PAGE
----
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Re: is javascript considered good wacg 2.0 practice?

From: Matt May <mattmay@adobe.com>
Date: Fri, 14 Dec 2012 12:17:04 -0800
To: W3C WAI ig <w3c-wai-ig@w3.org>
Message-ID: <CCF0B75A.12C25%mattmay@adobe.com>
Okay. I seem to have to say something like this once a year, so here we go.

JavaScript is here. It is not going away. It does good, useful things. It
can also do bad, useless, even frustrating things. But that's the nature
of any tool. You could use a hammer to hack down your house, if you tried
hard enough. But we don't ban hammers.

If you approach a modern web developer and suggest to them that they avoid
using JavaScript, you will be ignored. It would be exactly like telling a
homebuilder they can't use a hammer. And yeah, there are a lot of sites
you can point to where JavaScript is used poorly, just like I can show you
a lot of ugly houses. In each case, the solution is not to push the
technology down. It's to develop best practices and get people to learn
how to design within the limits. To let them solve problems and foster
improvements, and guide them with policy, as necessary. The Universal
Design movement in building construction has had a huge impact on the
accessibility of buildings over the last 30 years. They didn't get there
by telling architects "no."

As of 2012, the percentage of screen-reader users who report browsing
without JavaScript, according to the WebAIM survey was 1.4%. That number
is consistent with, if not lower than, the percentage of all users
browsing with JavaScript disabled. Assistive technology capable of
handling JavaScript is cheap (including free options on every OS) and
plentiful, and has been for several years. This is not an issue of this
technology not being available on my platform, or not having choice. So
treating JavaScript-free browsing as a sine qua non ("without which,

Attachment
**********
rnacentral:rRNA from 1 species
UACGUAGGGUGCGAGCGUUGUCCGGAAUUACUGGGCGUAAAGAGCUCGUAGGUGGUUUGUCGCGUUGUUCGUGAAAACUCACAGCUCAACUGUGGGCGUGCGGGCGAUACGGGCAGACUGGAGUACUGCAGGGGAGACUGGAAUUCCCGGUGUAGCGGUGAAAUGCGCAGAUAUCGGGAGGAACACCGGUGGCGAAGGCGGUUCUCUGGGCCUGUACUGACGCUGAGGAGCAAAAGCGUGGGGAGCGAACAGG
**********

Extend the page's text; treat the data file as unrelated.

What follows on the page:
nothing") of accessibility is not credible.

This approach also undermines the efforts of accessibility advocates in
the tech community who are trying to make accessibility more compatible
with the state of the art. I can't tell you how many times I've seen
talented, motivated developers who are doing serious engineering work to
bring modern web technology to everyone get knocked down by comments like
"JavaScript is inaccessible; it says so in WCAG 1 AAA." If you want to be
stuck with 1990s-era web content, in shorter and shorter supply, as the
web evolves at breakneck pace around you, then by all means, tell
developers to stop using JavaScript. You will find yourselves in an
information desert of your own making.

If, on the other hand, you are willing to recognize that JavaScript is a
tool, an asset, even a vehicle for making the web better and more
inclusive for everyone, you get to be part of the solution. Advocate for
better development practices. Learn JavaScript techniques and teach them
to others (or, if you aren't tech-savvy, support any of the dozens of
projects out there taking very different approaches to that same goal).

Just stop saying that JavaScript as a platform is by its very existence an
accessibility problem. It's not, and saying so is an obstacle to all of
the people working to use it to the advantage of everyone. Or, as the
saying goes, "The person who says something is impossible should not
interrupt the person who is doing it."


On 12/14/12 6:24 AM, "David Hilbert Poehlman" <poehlman1@comcast.net>

>I see why there's been so much discussion on this thread and did not read
>all of it but did read the below so please forgive if I'm repeating
>I remember the day when we had some simple tests for accessibility of a
>site and they were not necessarily aimed at screen reader users.  One of
>those tests was: "can I use the site with Javascript turned off? I also
>had and still have a sneaking feeling that just having js available is
>different than not having it available, (turned off or not), but yes, in
>order to provide equal access to a public interface it must be available
>in as many ways as is possible for a variety of reasons, not the least of
>which is so not to have to say: "sorry, you can't enter here" to anyone.
>Yes, dial in interactive web, browse aloud, non js, non css, non text
>even are paradigms of accessibility.
>Oh, don't get me wrong, I love all the future thinking, I love all the
>some day we'll be able to cross this or that bridge and I heavily applaud
>those who are turning this into reality.  At the same time, we live in
>the here and now and today, there are still millions of people for whom
>the reach is too high through no fault of their own.  If free means the
>cost of a computer or a steep learning curve, than we are sadly mistaken
>in our definition of it.
Received on Friday, 14 December 2012 20:17:38 UTC

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